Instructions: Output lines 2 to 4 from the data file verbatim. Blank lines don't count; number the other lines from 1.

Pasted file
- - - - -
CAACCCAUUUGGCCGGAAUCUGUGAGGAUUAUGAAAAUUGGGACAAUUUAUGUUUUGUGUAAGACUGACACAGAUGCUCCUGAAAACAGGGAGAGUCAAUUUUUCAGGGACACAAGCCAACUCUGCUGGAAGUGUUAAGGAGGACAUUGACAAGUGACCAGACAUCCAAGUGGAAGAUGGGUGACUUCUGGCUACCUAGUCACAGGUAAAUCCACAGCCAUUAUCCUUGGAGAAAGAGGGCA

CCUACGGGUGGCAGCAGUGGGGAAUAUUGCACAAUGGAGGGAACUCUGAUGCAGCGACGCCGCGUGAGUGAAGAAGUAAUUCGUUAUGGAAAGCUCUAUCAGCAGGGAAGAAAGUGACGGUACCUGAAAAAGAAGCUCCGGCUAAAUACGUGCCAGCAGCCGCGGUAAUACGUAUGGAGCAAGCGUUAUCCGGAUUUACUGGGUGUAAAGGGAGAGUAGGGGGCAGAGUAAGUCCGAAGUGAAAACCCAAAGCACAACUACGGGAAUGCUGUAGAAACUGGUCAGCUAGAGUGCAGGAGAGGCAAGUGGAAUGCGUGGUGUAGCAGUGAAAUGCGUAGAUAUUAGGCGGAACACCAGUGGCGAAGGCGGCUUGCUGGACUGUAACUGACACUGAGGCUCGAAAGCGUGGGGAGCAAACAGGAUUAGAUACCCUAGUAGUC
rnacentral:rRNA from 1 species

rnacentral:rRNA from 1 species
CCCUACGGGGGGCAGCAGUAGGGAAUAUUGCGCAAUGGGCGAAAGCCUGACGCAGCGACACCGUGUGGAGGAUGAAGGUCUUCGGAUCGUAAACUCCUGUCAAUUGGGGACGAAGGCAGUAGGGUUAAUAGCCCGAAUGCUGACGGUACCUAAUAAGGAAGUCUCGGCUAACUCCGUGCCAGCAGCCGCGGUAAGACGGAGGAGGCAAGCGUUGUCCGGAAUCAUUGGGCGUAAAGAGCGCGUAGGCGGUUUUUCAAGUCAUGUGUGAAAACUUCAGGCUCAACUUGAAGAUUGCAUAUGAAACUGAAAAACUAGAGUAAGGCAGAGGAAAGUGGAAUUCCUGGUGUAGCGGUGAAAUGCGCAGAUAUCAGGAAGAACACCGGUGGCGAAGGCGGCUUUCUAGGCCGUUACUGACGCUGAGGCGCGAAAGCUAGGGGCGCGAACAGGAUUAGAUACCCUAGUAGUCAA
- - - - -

CCUACGGGUGGCAGCAGUGGGGAAUAUUGCACAAUGGAGGGAACUCUGAUGCAGCGACGCCGCGUGAGUGAAGAAGUAAUUCGUUAUGGAAAGCUCUAUCAGCAGGGAAGAAAGUGACGGUACCUGAAAAAGAAGCUCCGGCUAAAUACGUGCCAGCAGCCGCGGUAAUACGUAUGGAGCAAGCGUUAUCCGGAUUUACUGGGUGUAAAGGGAGAGUAGGGGGCAGAGUAAGUCCGAAGUGAAAACCCAAAGCACAACUACGGGAAUGCUGUAGAAACUGGUCAGCUAGAGUGCAGGAGAGGCAAGUGGAAUGCGUGGUGUAGCAGUGAAAUGCGUAGAUAUUAGGCGGAACACCAGUGGCGAAGGCGGCUUGCUGGACUGUAACUGACACUGAGGCUCGAAAGCGUGGGGAGCAAACAGGAUUAGAUACCCUAGUAGUC
rnacentral:rRNA from 1 species

rnacentral:rRNA from 1 species